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Bipartisan deal struck on CT state House redistricting

Rep. Craig Fishbein, left, and Rep. Steve Stafstrom debate a judicial reappointment in a House largely emptied due to the COVID-19. (File)
Mark Pazniokas
Reps. Craig Fishbein (left) and Steve Stafstrom debate a judicial reappointment in a House largely emptied due to COVID-19. (File)

The General Assembly’s bipartisan Reapportionment Commission is expected to vote Thursday on new maps for the 151 state House districts to reflect population shifts counted by the pandemic-delayed 2020 U.S. Census.

On Wednesday, the House and Senate members of the commission emerged from their separate negotiating sessions with a deal on the House map but work remaining on the Senate map, according to House leaders.

As was the case 10 years ago, the commission might not set boundaries of the state’s five U.S. House districts by the Nov. 30 deadline, subjecting the congressional map to review by the Connecticut Supreme Court.

The commission is composed of eight lawmakers — two House Democrats, two House Republicans, two Senate Democrats and two Senate Republicans — and a ninth member they chose Tuesday in the unlikely event of needing a tiebreaker.

“I have no expectation that I will be voting,” said John McKinney of Westport, the former state Senate GOP leader chosen as the ninth member.

The commission effectively works as two separate bodies, with the House and Senate working separately on their maps, taking into account population shifts, the desires of the towns and the needs of incumbents.

The Democrats are House Speaker Matt Ritter of Hartford, House Majority Leader Jason Rojas of East Hartford, Senate President Pro Tem Martin M. Looney of New Haven and Senate Majority Leader Bob Duff of Norwalk.

The Republicans are House Minority Leader Vincent J. Candelora of North Branford and his deputy, Rep. Jason Perillo of Shelton; and Senate Minority Leader Kevin Kelly of Stratford and his deputy, Sen. Paul Formica of East Lyme.

As always, the final steps of the decennial process are opaque: No map will be subject to a public hearing before adoption, and rank-and-file lawmakers will have no opportunity to object.

One reason is that a change to any one district forces changes in others.

“The minute you start engaging lots of people in a process like that, it makes it really impossible to complete that work,” Rojas said. “I don’t know that I fully appreciated how even the smallest of changes in one part of the state can have a ripple effect across the rest of the state.”

Formica offered a more colloquial analysis: “It’s the classic whack-a-mole.”

Lawmakers held four public hearings, where residents of Wilton, Derby and Goshen appealed for lawmakers to place their divided communities within a single state House district.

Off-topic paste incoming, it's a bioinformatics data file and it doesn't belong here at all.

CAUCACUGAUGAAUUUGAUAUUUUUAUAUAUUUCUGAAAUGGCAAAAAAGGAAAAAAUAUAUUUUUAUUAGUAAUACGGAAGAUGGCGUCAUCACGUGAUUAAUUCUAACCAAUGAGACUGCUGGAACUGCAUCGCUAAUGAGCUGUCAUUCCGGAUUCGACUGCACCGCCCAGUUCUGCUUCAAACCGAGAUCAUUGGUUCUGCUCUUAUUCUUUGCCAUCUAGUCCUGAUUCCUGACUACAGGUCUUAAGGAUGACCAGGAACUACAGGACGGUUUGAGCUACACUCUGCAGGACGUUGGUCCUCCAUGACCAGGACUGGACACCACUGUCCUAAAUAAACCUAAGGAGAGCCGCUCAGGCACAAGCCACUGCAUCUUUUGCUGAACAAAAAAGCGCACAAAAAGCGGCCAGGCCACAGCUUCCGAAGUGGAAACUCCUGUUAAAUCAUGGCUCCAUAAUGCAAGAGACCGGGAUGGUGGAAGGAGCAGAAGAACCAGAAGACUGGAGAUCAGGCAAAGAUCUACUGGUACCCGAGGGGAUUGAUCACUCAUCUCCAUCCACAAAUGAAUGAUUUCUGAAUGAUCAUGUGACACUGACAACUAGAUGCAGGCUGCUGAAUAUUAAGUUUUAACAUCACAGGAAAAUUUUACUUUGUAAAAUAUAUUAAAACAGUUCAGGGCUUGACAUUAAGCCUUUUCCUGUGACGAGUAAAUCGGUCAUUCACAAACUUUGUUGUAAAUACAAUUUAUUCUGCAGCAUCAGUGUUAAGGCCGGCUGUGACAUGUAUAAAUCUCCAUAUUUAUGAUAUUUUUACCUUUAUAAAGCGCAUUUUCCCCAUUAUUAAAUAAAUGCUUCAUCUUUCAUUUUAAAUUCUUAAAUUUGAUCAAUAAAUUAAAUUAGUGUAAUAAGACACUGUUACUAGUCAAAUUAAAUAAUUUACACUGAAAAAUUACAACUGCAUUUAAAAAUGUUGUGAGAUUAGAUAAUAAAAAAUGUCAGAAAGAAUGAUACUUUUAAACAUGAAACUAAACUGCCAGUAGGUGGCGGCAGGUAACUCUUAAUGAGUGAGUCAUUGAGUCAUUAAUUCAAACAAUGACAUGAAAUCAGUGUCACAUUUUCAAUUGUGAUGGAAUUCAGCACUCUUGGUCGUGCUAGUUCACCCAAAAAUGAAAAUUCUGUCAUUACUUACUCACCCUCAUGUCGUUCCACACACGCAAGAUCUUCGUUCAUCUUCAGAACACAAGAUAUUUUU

“It does not matter which district you put us in, just make us whole please,” said Barbara L. Breor, the town clerk of Goshen, where there are 2,348 active voters.

Officials in Derby, the smallest town in Connecticut by area, complained that it is inexplicably divided among three House Districts. Suburban Wilton, represented in the House by a Norwalk Democrat and a New Canaan Republican, is seeking a divorce from urban Norwalk.

“Norwalk is a large urban city, while Wilton is a suburban small town,” Jennie Wong said in written testimony. “The demographics of Wilton and Norwalk are not comparable, and the interests of Wilton constituents are incompatible with that of the Norwalk constituents.”

Others urged a more transparent process.

“Transparency happens when draft maps created by legislators are released in advance of public hearings. Transparency happens when the commission takes feedback from constituents on new district lines and explains how and why specific reapportionment decisions are proposed in 2021,” said Jennifer Dayton of the League of Women Voters in Greenwich.

Ritter defended the process, saying that the bipartisan membership required by the state Constitution produced fairer maps than the ones in states where they are dictated by whichever party controls the state legislature.

“It ultimately requires at this point two political parties to agree on a map. I just can’t draw Congress any way I want or … the state House of Representatives to be 120-31 for the next 10 years,” Ritter said.

“We’re trying to keep all the important principles intact, as you know, respecting the integrity of towns and the demographic makeup of the communities as well as where the incumbents are located,” Candelora said.

The maps drawn 10 years ago have produced both strong Democratic majorities, as is currently the case, and nearly evenly divided chambers in the General Assembly. In 2016, Republicans came within five votes of a House majority and forced an 18-18 tie in the Senate.

The congressional map drawn 20 years ago, when Connecticut lost one of its six seats, was barely changed 10 years ago. That map produced GOP victories in three of the five districts as recently as 2004: the 2nd of eastern Connecticut, the 4th of Fairfield County and the 5th of western Connecticut.

Democrats won the 2nd and the 5th in 2006. The last to fall was the 4th, which had been held by Republicans for decades until Democrat Jim Himes unseated Republican Chris Shays in 2008.

But the political leanings of two districts have changed significantly in the past decade. The Democratic advantage in the 2nd has shrunk, and the 4th no longer is a battleground district — it is safely Democratic.

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